Become a digitalPLUS subscriber. $12 for 12 weeks.
News Breaking news

Anne Arundel county executive sued on sex discrimination claim

A former Anne Arundel County employee filed a $2.5 million lawsuit Friday against embattled County Executive John R. Leopold, alleging that he discriminated against female employees, pressured workers to make campaign donations and retaliated against those he viewed as disloyal.

The lawsuit, filed in U.S. District Court in Baltimore by Joan M. Harris, alleges that Leopold was "demeaning and intimidating" toward women for much of the time she worked for the county. She was a constituent services specialist from December 2006 to Nov. 3, 2010 — the day after Leopold won re-election.

Leopold, according to the suit, pressured Harris and other employees to donate to his re-election campaign, and when she resisted, she was accused of being disloyal. After another employee sued Leopold, Harris was dubbed a "mole" and left out of staff meetings and other activities before being fired, the suit says.

"Female employees were cautioned that Leopold did not like women who complained and that they should always appear happy and smiling around the county executive," the suit says.

Leopold, through a spokeswoman, declined to comment. County Attorney Jonathan A. Hodgson said he had received notice from the court Friday afternoon that the lawsuit had been filed but had not yet reviewed it and had no comment.

The lawsuit, which alleges gender discrimination, retaliation, a violation of Harris' First Amendment rights and retaliatory termination, comes as the county executive faces criminal charges relating to his conduct as an elected official. Leopold, 69, was indicted and charged this month on four counts of misconduct in office and one count of misappropriation of county funds.

The indictment alleges that Leopold directed his taxpayer-funded executive protection detail to perform personal tasks, including transporting him to frequent sexual rendezvous with a county employee. The indictment also said the police detail was used to gather information on his political foes.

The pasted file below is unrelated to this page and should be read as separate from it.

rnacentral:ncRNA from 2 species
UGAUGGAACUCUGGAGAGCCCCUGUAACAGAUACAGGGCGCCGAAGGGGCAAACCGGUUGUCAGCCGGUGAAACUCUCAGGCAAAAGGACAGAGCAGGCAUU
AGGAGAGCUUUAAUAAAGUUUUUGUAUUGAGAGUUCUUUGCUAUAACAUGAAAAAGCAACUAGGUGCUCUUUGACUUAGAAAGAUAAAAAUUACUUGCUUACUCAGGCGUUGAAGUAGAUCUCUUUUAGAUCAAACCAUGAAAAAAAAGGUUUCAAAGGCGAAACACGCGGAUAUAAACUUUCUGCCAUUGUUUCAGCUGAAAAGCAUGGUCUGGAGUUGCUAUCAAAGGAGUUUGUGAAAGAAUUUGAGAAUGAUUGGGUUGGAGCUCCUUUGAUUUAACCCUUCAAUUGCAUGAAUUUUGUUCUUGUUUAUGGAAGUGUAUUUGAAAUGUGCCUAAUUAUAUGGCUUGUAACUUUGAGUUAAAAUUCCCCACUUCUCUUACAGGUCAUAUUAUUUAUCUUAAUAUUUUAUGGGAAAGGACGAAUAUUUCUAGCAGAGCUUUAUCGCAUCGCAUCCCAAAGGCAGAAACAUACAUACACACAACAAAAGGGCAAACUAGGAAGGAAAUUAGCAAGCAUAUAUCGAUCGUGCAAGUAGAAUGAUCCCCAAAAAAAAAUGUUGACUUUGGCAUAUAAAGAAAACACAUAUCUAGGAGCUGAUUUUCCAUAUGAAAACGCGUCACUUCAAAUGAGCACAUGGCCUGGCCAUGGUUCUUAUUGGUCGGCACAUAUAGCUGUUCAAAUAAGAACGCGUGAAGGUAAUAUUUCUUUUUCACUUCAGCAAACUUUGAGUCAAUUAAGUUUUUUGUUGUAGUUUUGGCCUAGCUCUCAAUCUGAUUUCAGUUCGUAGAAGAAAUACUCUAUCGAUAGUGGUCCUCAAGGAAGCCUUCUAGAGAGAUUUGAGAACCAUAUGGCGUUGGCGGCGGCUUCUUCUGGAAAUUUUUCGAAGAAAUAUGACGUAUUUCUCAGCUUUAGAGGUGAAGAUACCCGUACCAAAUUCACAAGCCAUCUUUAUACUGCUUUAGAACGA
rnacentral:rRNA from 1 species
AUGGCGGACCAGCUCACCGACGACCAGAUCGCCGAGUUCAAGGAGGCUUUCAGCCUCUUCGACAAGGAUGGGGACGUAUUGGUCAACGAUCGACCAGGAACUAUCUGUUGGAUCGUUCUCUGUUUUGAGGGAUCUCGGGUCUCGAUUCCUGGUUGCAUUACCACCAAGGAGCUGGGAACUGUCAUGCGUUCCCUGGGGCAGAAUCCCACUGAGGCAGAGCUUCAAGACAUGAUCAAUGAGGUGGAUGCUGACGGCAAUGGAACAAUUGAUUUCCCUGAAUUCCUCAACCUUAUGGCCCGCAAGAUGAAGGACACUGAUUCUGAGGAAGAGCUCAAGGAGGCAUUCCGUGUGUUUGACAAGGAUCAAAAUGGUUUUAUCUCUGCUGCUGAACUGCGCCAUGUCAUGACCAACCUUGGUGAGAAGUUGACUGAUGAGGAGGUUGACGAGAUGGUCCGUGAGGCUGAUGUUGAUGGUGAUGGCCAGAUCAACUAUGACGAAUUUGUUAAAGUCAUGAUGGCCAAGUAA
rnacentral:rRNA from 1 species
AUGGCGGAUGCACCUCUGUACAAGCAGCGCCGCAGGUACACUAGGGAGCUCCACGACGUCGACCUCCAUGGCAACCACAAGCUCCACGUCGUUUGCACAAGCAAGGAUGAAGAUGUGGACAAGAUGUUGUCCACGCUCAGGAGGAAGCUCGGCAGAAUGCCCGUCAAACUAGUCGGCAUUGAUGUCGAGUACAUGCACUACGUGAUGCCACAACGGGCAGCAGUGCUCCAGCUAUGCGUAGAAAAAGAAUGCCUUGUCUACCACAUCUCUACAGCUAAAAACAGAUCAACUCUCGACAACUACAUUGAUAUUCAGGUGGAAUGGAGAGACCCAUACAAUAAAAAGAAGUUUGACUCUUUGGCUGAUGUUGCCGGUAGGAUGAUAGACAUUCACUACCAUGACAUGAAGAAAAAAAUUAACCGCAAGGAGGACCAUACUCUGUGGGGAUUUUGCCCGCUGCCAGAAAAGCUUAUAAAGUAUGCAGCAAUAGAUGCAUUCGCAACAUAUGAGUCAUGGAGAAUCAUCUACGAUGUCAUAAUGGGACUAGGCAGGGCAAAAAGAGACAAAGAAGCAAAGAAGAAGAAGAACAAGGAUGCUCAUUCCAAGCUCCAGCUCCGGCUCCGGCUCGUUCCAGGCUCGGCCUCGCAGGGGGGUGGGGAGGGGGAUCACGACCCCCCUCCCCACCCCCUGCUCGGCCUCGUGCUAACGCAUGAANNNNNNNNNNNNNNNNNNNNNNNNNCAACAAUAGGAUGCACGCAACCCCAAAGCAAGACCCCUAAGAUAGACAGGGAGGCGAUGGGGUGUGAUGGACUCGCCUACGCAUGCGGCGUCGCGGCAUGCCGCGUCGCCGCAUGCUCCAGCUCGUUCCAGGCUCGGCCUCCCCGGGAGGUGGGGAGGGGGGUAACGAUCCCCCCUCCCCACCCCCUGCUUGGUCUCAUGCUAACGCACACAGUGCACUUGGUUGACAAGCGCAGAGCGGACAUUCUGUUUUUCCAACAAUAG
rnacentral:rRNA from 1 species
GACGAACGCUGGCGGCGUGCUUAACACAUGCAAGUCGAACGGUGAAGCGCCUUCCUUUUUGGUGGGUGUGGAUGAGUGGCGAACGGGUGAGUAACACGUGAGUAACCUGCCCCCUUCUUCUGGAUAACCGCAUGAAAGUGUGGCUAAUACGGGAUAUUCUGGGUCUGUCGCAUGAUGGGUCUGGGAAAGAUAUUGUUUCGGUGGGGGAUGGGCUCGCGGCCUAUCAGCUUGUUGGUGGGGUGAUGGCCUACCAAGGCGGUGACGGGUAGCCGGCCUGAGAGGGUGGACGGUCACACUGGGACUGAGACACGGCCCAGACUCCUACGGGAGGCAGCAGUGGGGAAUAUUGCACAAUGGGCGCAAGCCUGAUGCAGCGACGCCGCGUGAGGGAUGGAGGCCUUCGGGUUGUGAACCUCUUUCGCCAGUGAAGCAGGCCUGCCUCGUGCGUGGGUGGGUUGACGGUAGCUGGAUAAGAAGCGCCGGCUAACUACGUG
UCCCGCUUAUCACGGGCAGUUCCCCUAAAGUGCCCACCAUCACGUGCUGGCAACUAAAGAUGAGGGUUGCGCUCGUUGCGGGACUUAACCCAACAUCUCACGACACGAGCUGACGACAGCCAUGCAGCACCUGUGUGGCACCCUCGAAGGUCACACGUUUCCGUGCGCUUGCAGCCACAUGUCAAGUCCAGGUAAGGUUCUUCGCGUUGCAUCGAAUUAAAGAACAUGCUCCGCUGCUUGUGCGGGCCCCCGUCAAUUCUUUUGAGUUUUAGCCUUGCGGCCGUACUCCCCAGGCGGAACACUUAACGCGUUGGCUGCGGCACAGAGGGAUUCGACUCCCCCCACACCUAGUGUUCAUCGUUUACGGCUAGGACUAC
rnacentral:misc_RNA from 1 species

On Friday, the American Civil Liberties Union of Maryland called on Leopold and county Police Chief Col. James E. Teare Sr. to "come clean" about the alleged use of a statewide police database to compile information on political enemies.

In response to a Maryland Public Information Act request, the Police Department released documents this week that were part of files Leopold allegedly directed his executive protection detail to maintain. Most of the information — on a recent political opponent, a former county councilman and a state worker — was readily available in public records.

But the county said it withheld some documents because they were from the state's Criminal Justice Information System, a database used by police departments to run criminal history checks.

Both department policy and state law prohibit accessing the system for uses other than official police business.

In addition to the files made public this week on four alleged Leopold opponents, the ACLU said that it is also asking the county for additional documents related to the "enemies list." That includes files on a number of local politicians — as well as Harris and Karla R. Hamner, a former county employee who is the plaintiff in a pending $10 million federal gender discrimination lawsuit against Leopold.

John M. Singleton, Harris' attorney, also represents Hamner in her lawsuit. Harris had attempted to be added as a party to the Hamner lawsuit, but a judge blocked the move.

Leopold has denied any wrongdoing in the Hamner case.

"The evidence strongly suggests that Mr. Leopold compelled police and county staff to conduct political opposition research on the taxpayers' dime, and that he might even have ordered police to improperly access a criminal history database to dig up dirt on his political rivals," ACLU of Maryland legal director Deborah A. Jeon said in a statement. "Now, the time has come for the County Executive and Police Chief to come clean, by letting the public know the full story of what has occurred on their watch."